$1 million in cyber skills to stop $100 million in cybercrime

A Swinburne-led program has received more than $1 million in federal funding to build cybersecurity and digital transformation skills in the next generation of manufacturing professionals as part of the CSIRO’s Data 61 Next Generation Emerging Technologies Graduates Program.

The CSIRO-funded program – Building National Cybersecurity Capabilities for Digital Transformation in Manufacturing – will help build Australian sovereign cyber capabilities to secure business-critical manufacturing systems and bring together a multidisciplinary team to train next generation graduate students within industry.

Cyber incidents are now a regular and high risk threat in the manufacturing sector, regardless of where a company is located across the globe, as seen with the US Colonial Pipeline hacking crisis, $11 million ransomware attack on beef supplier JBS and the $100 million ransomware loss from food manufacturing company Mondelez.

Driven by the real-life needs of Swinburne’s industry partners, including DXC, Amazon, ASTA and Sysbox, the university has set out to address the cybersecurity vulnerabilities in manufacturing software, data flow analysis for security in smart manufacturing, data driven control system assessment, and secure and responsible AI for manufacturing.

The student intake will be mentored by 17 industry and academic investigators from eight committed organisations: Swinburne University of Technology, Monash University, UNSW ADFA and James Cook University, together with partner organisations DXC, Amazon, ASTA and Sysbox, who are contributing an additional $600,000 to the CSIRO funding.

Chief Investigator on the project and Swinburne’s Dean of Digital Research, Professor Yang Xiang, says critical infrastructure is always the target of cyber-attacks.

“It is important that the next generation across all industries, including manufacturing, are skilled in cybersecurity – including network and system security, data analytics, AI, blockchain, distributed systems and networking. Soft skills and cybersecurity awareness will also be a focus for the next generation graduates,” says Professor Yang.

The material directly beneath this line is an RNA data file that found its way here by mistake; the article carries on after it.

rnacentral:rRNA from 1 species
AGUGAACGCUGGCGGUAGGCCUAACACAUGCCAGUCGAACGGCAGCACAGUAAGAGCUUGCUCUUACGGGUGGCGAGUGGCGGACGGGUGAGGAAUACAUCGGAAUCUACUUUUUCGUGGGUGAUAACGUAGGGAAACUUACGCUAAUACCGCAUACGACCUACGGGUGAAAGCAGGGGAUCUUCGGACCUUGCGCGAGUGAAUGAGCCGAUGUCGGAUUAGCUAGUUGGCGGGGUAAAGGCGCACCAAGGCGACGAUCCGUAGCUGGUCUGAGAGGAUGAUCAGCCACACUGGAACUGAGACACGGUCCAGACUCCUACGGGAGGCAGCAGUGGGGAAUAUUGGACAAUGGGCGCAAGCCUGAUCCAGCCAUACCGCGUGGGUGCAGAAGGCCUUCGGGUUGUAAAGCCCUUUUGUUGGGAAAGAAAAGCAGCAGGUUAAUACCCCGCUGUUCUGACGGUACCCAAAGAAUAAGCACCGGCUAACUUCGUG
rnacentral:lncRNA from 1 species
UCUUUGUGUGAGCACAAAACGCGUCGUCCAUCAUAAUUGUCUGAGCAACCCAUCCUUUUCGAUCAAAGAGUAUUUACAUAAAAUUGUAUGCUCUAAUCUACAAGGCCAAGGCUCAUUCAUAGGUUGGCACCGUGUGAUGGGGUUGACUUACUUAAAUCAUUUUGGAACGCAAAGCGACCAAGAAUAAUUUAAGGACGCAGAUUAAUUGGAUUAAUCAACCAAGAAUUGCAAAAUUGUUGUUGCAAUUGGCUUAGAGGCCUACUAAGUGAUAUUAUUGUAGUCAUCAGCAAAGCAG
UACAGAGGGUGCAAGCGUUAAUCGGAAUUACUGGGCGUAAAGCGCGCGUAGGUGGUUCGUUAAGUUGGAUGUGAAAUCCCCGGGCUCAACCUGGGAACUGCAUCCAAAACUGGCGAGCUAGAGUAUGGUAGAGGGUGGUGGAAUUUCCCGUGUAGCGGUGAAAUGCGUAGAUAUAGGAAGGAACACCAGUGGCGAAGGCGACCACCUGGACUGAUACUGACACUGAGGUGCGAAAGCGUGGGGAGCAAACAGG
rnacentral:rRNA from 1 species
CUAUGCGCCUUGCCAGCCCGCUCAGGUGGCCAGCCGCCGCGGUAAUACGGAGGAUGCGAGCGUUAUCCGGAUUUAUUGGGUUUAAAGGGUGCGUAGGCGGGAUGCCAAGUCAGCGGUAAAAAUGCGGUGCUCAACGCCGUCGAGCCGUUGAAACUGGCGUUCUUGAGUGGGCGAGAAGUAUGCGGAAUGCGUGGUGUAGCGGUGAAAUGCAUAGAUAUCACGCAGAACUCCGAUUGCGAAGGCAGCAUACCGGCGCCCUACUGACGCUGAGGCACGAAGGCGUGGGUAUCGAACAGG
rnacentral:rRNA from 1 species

“Beyond cybersecurity, students will learn to innovate. Digital transformation is rapidly evolving in the 21st century, and Swinburne positions students to drive the next generation of technology and how technology and people work together to build a better world.”

The collaboration will bring together research strengths across Australian universities and industrial expertise such as manufacturing, cybersecurity, human interaction, software engineering, entrepreneurship and commercialisation.

Swinburne’s research team will contribute both tech-rich facilities and leading expertise in digital transformation and manufacturing. Students from diverse backgrounds will collaborate in teams to develop their skills and experience alongside industry organisations.

Building National Cybersecurity Capabilities for Digital Transformation in Manufacturing is led by Swinburne expert in cybersecurity, data science and blockchain, Professor Yang Xiang.

Deputy Vice-Chancellor, Research, Professor Karen Hapgood says, “CSIRO is a highly valued partner for Swinburne University of Technology and we are thrilled to see this project supported by the Next Generation Emerging Technologies Graduates Program.

“The project brings together Swinburne’s research expertise in digital transformation and manufacturing, as well as our strengths in work integrated learning and graduate employability.”

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